In order to answer the question how many sessions per patient, and patients per therapist, are needed to achieve dependable adherence and competence ratings in the treatment of cocaine dependence, a generalizability theory analysis was performed in a large sample of cocaine-dependent patients randomized to receive supportive expressive therapy, cognitive therapy, or individual drug counseling. The most important conclusion was that more sessions (for adherence: five in CT; nine in SE, 10 in IDC; for competence: five to seven across the treatments) than is typically sampled (two and a half) in most studies of other psychotherapies are needed to achieve dependable generalizability coefficients on the patient level when measuring therapists’ adherence and competence. On the therapist level, the number of patients per therapist sufficient to achieve good (≥.80) dependability of measurement varied by treatment modality, with CT needing the fewest (four or five) and SE the most (13 or 14).
Using a more liberal .70 or greater cut-off for adequate dependability of measurement at the patient level, five sessions for SE and IDC, and three sessions for CT, would be needed for adherence ratings, and three or four sessions for competence ratings. Similarly, at the therapist level, fewer patients per therapist (three for CT; nine or 10 for SE; five for IDC) are needed to achieve a .70 level of dependability for adherence/competence ratings (assuming six sessions are rated).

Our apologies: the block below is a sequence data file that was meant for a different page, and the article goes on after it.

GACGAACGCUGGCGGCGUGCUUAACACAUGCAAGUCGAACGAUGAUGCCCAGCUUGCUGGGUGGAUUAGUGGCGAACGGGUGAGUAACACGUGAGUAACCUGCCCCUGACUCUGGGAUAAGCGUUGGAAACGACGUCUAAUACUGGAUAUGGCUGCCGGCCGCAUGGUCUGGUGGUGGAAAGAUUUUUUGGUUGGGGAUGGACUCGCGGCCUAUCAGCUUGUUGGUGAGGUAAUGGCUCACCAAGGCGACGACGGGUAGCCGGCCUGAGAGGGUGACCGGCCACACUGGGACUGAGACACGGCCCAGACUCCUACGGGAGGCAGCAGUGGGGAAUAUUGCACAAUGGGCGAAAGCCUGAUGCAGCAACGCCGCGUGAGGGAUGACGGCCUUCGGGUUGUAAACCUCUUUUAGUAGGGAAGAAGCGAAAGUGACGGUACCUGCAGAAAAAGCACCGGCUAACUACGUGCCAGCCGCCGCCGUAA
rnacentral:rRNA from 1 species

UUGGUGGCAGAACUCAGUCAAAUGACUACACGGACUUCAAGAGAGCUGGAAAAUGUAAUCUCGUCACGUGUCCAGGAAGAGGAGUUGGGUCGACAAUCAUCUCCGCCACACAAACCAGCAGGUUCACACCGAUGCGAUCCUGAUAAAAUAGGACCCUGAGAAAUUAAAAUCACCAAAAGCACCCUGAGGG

The literature review presented in the introduction of this article showed that, across 24 studies, there were typically two and a half sessions per patient and eight patients per therapist rated for adherence/competence. However, only three of these studies evaluated five or more sessions per patient (Huppert, Barlow, Gorman, Shear, & Woods, 2006
; Ogrodniczuk & Piper, 1999
; Shaw et al., 1999
), and only 11 studies used seven or more patients per therapist (Barber, Crits-Christoph, & Luborsky, 1996
; Barber et al., 2006
; Carroll, Nich, & Rounsaville, 1997
; Feeley et al., 1999
; Gaston, Thompson, Gallagher, Cournoyer, & Gagnon,1998
; Hogue et al., 2008
; Loeb et al., 2005
; Luborsky, McLellan, Woody, O’Brien, & Auerbach, 1985
; Newman et al., 2011
; Ogrodniczuk et al., 1999
). Thus, assuming the results found here are generalizable to other scales, treatments, and patient populations, many studies in the literature probably evaluated an inadequate number of sessions and/or patients per therapist to create highly dependable adherence/competence scores at the patient and therapist levels, respectively. Inadequate dependability of adherence/competence scores may in part explain why many studies have failed to find associations between adherence/competence ratings and treatment outcome (Webb et al., 2010